The biggest lesson we can take from San Francisco is to think even more regionally. The Bay Area has nine counties and 101 independent jurisdictions. The strength of home rule there makes regional cooperation challenging, ineffective, or nonexistent. Worse, there were two competing planning agencies for decades: the Metropolitan Transportation Commission, focused on transit, and the Association of Bay Area Governments, concerned with questions of land use, housing, water resources, and environmental resilience. The two were often at odds until they were finally merged in 2017.
The Bay Area’s declining livability comes from decades of politicians and voters failing to take a regional approach to how land and roadways are developed. In the Boston area, those decisions are also being made town by town, “by hard-working and very well-meaning folks who are entirely focused on the few square miles of their community,” Draisen says. That means the sum of the parts will inevitably be less than the whole.
Boston has some advantages over San Francisco — for one, the Metropolitan Area Planning Council has pulled together Boston and 14 municipalities in the core of our region, and gotten them to work together on housing problems. In 2018, this coalition pledged to add 185,000 housing units by 2030.
Massachusetts also has Chapter 40B, a state law that gives developers an exemption from local zoning laws, if they’re proposing a development with at least 20 to 25 percent affordable units, and the municipality doesn’t already meet the goal of having 10 percent affordable housing stock. In other words, it’s a way to bypass a NIMBY city council. If California had a similar statute, Berkeley’s Karen Chapple says, it could have lessened the Bay Area’s affordable housing crisis.
Since the 40B exemption was passed 50 years ago, it’s allowed 60,000 units across Massachusetts to be built. That’s certainly better than nothing. Yet some 56,000 more could have been built, to achieve that 10 percent threshold. The catch with 40B is that developers have to use it. “It’s not like the state can say ‘thou shalt now build more affordable housing’ if you’re below the 10 percent level,” Northeastern’s Modestino says.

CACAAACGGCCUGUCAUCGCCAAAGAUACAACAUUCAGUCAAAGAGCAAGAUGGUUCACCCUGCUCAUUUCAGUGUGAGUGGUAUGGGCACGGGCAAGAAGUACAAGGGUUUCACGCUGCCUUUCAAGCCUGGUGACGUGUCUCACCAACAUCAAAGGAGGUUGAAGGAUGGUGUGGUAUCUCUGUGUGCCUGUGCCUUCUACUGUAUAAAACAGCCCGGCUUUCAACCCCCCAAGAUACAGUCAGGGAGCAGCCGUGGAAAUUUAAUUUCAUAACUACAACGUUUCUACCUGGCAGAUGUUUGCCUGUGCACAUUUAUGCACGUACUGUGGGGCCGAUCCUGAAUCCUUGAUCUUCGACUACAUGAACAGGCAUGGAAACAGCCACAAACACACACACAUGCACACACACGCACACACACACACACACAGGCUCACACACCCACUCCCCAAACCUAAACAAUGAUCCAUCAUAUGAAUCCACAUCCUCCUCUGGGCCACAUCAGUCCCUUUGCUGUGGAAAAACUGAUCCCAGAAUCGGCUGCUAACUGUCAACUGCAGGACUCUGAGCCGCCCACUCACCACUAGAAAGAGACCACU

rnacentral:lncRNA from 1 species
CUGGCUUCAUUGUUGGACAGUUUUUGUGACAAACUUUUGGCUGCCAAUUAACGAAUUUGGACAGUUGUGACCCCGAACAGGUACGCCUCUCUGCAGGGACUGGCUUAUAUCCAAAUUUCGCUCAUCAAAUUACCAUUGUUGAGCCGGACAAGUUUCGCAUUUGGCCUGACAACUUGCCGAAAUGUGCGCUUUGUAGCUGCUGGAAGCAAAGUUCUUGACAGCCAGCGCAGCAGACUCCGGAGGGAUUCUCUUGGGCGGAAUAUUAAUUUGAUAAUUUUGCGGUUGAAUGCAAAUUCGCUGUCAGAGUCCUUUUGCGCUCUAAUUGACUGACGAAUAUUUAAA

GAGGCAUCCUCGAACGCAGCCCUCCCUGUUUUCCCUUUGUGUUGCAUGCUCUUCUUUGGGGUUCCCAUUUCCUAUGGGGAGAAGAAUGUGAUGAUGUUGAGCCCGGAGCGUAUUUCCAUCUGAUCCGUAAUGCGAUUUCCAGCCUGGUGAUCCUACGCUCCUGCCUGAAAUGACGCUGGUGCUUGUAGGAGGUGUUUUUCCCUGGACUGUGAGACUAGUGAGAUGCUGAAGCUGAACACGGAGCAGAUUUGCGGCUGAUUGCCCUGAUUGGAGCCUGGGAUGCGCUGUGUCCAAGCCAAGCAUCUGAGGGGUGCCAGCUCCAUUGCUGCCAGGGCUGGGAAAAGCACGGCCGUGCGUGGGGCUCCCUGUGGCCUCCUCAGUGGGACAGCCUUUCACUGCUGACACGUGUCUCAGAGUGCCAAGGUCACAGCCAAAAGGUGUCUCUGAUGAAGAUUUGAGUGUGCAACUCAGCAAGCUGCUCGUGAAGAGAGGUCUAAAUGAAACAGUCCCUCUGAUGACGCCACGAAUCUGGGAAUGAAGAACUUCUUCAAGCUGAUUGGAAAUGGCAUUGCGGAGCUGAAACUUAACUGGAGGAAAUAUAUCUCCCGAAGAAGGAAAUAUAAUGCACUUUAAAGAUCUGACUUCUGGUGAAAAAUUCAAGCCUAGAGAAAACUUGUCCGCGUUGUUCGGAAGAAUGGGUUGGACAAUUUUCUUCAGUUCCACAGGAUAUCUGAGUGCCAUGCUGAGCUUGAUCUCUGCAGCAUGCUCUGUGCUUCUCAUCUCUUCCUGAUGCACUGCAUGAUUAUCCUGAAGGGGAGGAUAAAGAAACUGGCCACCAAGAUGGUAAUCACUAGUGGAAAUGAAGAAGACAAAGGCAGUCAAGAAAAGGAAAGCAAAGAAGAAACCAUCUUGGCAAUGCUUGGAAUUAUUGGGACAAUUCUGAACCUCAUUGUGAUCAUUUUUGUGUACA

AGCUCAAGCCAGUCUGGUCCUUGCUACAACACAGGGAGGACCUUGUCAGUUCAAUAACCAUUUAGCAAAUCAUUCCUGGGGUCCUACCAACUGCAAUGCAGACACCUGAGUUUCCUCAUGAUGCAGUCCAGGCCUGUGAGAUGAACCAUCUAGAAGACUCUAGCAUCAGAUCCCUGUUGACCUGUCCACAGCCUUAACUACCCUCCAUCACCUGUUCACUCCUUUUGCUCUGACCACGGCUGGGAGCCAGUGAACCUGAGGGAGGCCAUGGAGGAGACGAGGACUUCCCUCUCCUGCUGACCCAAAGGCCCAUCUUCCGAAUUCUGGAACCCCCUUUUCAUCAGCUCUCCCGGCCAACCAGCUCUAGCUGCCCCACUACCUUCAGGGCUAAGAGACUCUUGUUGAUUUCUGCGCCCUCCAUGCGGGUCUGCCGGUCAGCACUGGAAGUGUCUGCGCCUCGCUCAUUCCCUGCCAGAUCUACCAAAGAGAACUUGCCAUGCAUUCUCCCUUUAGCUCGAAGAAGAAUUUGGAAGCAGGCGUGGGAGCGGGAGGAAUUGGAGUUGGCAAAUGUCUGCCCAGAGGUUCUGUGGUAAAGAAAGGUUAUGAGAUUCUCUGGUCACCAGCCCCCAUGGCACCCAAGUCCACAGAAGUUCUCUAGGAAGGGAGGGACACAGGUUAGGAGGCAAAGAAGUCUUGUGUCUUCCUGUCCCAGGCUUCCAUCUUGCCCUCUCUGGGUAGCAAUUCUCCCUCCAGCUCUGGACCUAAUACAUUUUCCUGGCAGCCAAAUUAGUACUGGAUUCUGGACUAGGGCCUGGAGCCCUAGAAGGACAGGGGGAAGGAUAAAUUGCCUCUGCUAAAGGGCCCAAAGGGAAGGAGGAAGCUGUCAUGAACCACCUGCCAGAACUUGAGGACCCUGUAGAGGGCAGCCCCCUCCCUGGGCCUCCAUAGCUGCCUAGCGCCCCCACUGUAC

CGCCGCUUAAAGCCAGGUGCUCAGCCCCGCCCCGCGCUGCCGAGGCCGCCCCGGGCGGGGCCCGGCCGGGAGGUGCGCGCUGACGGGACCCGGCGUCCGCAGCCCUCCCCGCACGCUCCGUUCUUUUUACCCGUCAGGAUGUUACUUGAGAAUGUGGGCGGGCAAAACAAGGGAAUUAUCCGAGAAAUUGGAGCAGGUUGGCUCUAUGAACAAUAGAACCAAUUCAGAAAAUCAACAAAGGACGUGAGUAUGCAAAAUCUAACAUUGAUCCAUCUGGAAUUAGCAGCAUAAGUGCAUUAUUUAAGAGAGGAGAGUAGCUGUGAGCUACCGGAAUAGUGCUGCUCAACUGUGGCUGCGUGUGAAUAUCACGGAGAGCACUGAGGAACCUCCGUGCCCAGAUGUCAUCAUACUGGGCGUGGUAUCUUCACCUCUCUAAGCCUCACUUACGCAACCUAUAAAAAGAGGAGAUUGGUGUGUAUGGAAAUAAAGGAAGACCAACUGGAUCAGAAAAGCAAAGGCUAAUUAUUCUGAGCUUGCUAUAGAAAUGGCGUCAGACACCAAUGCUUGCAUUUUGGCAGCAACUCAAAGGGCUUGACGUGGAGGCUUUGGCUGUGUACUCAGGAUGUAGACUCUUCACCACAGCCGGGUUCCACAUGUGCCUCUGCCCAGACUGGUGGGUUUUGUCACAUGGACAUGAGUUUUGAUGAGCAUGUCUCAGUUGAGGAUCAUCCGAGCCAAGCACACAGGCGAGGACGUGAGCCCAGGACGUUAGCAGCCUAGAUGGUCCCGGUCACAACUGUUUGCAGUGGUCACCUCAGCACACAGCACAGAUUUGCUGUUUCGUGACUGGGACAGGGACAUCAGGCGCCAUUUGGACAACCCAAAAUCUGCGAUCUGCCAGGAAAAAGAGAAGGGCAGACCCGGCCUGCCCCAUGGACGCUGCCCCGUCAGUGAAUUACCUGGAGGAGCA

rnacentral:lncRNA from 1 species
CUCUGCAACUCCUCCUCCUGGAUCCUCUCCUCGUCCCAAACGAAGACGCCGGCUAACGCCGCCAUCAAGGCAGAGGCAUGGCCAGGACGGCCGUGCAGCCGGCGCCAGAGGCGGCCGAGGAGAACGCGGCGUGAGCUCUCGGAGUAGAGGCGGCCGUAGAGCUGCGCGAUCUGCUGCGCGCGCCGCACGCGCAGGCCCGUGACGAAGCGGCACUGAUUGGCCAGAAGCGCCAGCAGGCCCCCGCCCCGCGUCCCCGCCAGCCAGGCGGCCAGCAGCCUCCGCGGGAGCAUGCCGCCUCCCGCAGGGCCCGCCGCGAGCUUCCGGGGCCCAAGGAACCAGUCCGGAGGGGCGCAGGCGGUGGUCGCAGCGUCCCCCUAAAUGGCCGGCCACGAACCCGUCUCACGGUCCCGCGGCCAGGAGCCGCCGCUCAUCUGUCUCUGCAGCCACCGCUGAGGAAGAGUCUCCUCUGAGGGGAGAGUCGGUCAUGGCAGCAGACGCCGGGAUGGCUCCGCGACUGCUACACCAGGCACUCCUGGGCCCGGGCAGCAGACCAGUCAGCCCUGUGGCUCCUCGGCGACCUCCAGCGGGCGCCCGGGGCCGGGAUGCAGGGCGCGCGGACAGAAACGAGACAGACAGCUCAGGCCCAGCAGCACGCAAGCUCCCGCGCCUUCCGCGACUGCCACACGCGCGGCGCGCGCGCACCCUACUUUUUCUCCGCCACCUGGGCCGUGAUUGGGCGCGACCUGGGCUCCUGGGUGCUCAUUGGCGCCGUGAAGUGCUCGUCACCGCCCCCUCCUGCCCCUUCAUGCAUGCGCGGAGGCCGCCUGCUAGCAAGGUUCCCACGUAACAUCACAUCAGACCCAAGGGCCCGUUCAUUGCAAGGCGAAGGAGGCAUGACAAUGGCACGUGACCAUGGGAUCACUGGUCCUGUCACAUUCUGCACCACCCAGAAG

That’s one of the reasons housing advocates are backing Governor Charlie Baker’s Housing Choice initiative. It would let cities and towns make zoning changes or approve special permits through a simple majority vote, rather than the super majority currently required, and make it harder for vocal NIMBY factions to block developments. So far, though, Baker’s initiative has languished through two legislative sessions. His administration has had to resort to a series of executive actions that let approved communities apply for incentive grants to build affordable housing.
Urban development looks different today than 20th-century urban renewal projects like the initiative that razed Boston’s West End in the late 1950s. That plan displaced 2,700 families to make space for five high-rise buildings that contained merely 477 apartments. There’s little public appetite these days for state-funded large-scale destruction of neighborhoods.
Instead, today’s urban developers often look to underused parcels of land. In San Francisco, that’s meant rethinking former shipyards and industrial lots south of the city that total 940 acres. The redevelopment of The Shipyards and Candlestick Point — the onetime home of both the San Francisco Giants and the 49ers — promises to add 12,100 housing units, along with retail, corporate offices, and green space.
Our closest equivalent might be Suffolk Downs. It’s been six months since the last horse galloped across the finish line of the 84-year-old track. The property, roughly the size of the North End and spilling across the East Boston border into Revere, will be the largest redevelopment parcel in Boston history. “It’s a rare opportunity,” says Lydia Edwards, a city councilor whose district includes the Boston part of Suffolk Downs. “We could create one of the best neighborhoods in the country.”